Most states in the US allow the use of exclusionary discipline for pre-k and primary school students, despite concerns about the effectiveness and fairness of these strategies. Long-standing disparities in its application exist, in the form of exclusion of African-American children, particularly boys, who are suspended at many times the rates of other children. Because of these disparities, suspensions, expulsions, and other forms of exclusionary discipline may weaken otherwise effective programs to reduce racial achievement gaps.
In collaboration with the HighScope Educational Research Foundation the project will a) examine national and state data to document the extent of racial disparities; b) summarize published studies of effective programs c) conduct case studies of exemplary school districts that have banned exclusionary discipline and reduced disparities; and d) provide technical assistance to school districts seeking to replace suspension and expulsion with an effective disciplinary alternative.
This project will also evaluate the extent and impact of exclusionary discipline in primary schools, asking:
How prevalent are "Ban and Replace" policies in the US and how are they implemented?
Do "Ban and Replace" policies result in lowering reliance on exclusionary discipline practices and a reduction of racial inequalities in school discipline?
How prevalent are the use of Positive Behavioral Interventions and Supports, Restorative Practices, Socio-emotional Learning, or diversion programs, and is their use associated with reductions in disparities?
Can information dissemination and technical assistance improve school adoption and teacher acceptance of bans on suspensions and expulsions?
This research will generate key evidence needed to understand the effects of exclusionary discipline on equitable access to education and potential alternative strategies that address or prevent the behavioral and emotional difficulties that have given rise to exclusion.
High-quality, early childhood education (ECE) boosts early-life skills in disadvantaged individuals. These skills translate into better outcomes later in life, in areas like employment, education, income, and criminal activity. But ECE is also costly, and as such, it is important to have a complete picture of the social returns throughout life. In particular, it is not known whether ECE can improve health over the course of a lifetime. This study will examine two important ECE programs—the Carolina Abecedarian Project (ABC) and the Carolina Approach to Responsive Education (CARE) programs in North Carolina—to assess lifetime health returns to ECE.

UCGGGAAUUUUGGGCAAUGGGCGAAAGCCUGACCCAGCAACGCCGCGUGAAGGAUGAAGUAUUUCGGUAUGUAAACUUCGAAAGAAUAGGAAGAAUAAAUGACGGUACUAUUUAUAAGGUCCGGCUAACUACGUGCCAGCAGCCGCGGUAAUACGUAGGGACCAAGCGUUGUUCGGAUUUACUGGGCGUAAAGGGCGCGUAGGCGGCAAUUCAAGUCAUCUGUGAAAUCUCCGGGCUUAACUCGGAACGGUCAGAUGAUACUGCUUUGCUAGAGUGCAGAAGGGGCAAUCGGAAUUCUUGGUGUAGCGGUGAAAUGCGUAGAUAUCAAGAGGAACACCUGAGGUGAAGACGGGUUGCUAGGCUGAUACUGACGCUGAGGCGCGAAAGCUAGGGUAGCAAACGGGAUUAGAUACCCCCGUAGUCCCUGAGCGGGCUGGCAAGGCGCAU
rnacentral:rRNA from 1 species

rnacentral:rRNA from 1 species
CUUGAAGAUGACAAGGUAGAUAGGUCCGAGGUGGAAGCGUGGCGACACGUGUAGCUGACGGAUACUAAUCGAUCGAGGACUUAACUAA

In ABC and CARE, 'at-risk' children born in the 1970s received intensive (and costly) child care and education starting at very early ages. A control group received more traditional social support. ABC and CARE have been shown to reduce crime, improve earnings, and promote education. Evidence shows important health benefits, including lower risk factors for cardiovascular and metabolic disease in early adulthood, and this study will forecast the health returns over the lifetime. Overall, this study should provide an economic rationale for combining separate interventions into a comprehensive approach that fosters better human development, economic, health, and social outcomes for disadvantaged children.
Prior research suggests that universal pre-kindergarten (UPK) programs can generate lifetime benefits, but the mechanisms generating these effects are not well understood. In 2014, New York City made all 4-year-old children eligible for UPK programs that emphasized developmental screening. We examine the effect of this program on the health of children enrolled in Medicaid using a difference-in-regression discontinuity design that exploits both the introduction of UPK and the fixed age cut-off for enrollment. We posit that one mechanism through which UPK might generate benefits is by accelerating the rate at which children are identified with conditions that could delay learning and cause behavioral problems.
In a secondary study, we examine the epidemiological pattern of influenza following the UPK rollout. Increasing the number of children in congregate settings could increase the speed or pattern of infectious outbreaks. Exploiting the age-cutoff for enrollment using a regression discontinuity framework, we apply both a survival analysis and harmonic regression to assess timing and infection rate.
There is an urgent need to understand long-term health, developmental, and educational outcomes for children who experience early life stressors. In Tennessee alone, over 22% of all children live in poverty. The number of children born between 2001 and 2014 with neonatal abstinence syndrome (NAS) increased 25-fold, and children of immigrants, 36% of whom live in poverty in Tennessee, often struggle to access the social services they need to thrive.
To fill this gap, the multidisciplinary research team will work alongside key state partners to develop an actionable research portfolio that clarifies the long-term effects of these early life experiences and illuminates the ways state policies can be adapted or modified to better serve the needs of Tennessee families.
Leveraging more than a decade’s worth of data, the researchers will examine relationships between at-risk children’s health and education outcomes, as well as access to public services. This is vital information as states across the country, and Tennessee in particular, adopt new laws and resolutions that encompass a wide range of policy actions related to child health and education.
Although the research portfolio will evolve with input from partners including state agencies and non-profits focused on child outcomes, the team will focus their initial efforts around several key issues:
The Opioid Epidemic